This, all of this…. The good the bad, the sorrow the joy, the dark the light.  All of it…

This is Grief. 

 

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My Husband, My Companion

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As a Christian feminist, I often feel conflicted regarding how to view my husband.  As a feminist, I’m told to view my husband as my equal.  I believe whole-heartedly in this and I do view my husband as my equal. But I have found that among feminists, it is sometimes unpopular to praise your husband simply because of his gender.  So, I find myself reserved in communicating my admiration of him. On the other hand, I’m told by conservative Christians that I am to view my husband as my authority, my “head,” the protector of my fragile/weaker frame, and the ruler of our home.  So, for me to communicate that my respect for my husband exists outside of this hierarchal and patriarchal framework, I am deemed “not a good Christian wife”.  Thus, I’m left perplexed in how I should view him.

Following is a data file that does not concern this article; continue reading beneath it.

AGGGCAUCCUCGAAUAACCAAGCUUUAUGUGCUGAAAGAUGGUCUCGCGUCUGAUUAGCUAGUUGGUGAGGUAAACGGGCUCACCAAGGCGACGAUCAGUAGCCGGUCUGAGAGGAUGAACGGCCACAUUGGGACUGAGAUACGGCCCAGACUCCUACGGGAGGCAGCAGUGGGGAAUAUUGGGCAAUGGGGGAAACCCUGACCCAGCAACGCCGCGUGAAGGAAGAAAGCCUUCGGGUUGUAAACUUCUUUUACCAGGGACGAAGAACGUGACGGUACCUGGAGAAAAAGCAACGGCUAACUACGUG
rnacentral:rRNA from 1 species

When I look at my marriage, I try not to view it through the lens of gender.

It is hard for me to type that statement because I do not believe the answer to gender inequality is to eliminate gender identity.  I do understand that it is difficult to determine what is male and what is female simply by looking at the surface of a person.  Our society is slowly learning that gender is determined by more than a person’s anatomical make-up.  Even though this difficulty exists, I believe that we will do ourselves a disservice if we try to eliminate gender identity all-together.  Within our gender identity lies more opportunity for diversity.

For some, acknowledging the differences in one another is negative; because the belief is that we are predisposed to ranking that which is different, thus creating a hierarchal system.  The claim is that some differences are good, some are bad, and some are better than others.  But, I believe these differences should exist solely in-and-of themselves.  I should be able to acknowledge that my husband is male and that I am female, and just let that be.  The fact that my husband is male does not make him superior to me, just as I am not superior to him simply because I am female. The same can be said of all differences.

With that being said, in my marriage, I do not believe our gender to be pertinent.  While, yes, the fact that my husband is male makes up a part of who he is, the overall enjoyment I receive from his personhood goes so far beyond his gender identity.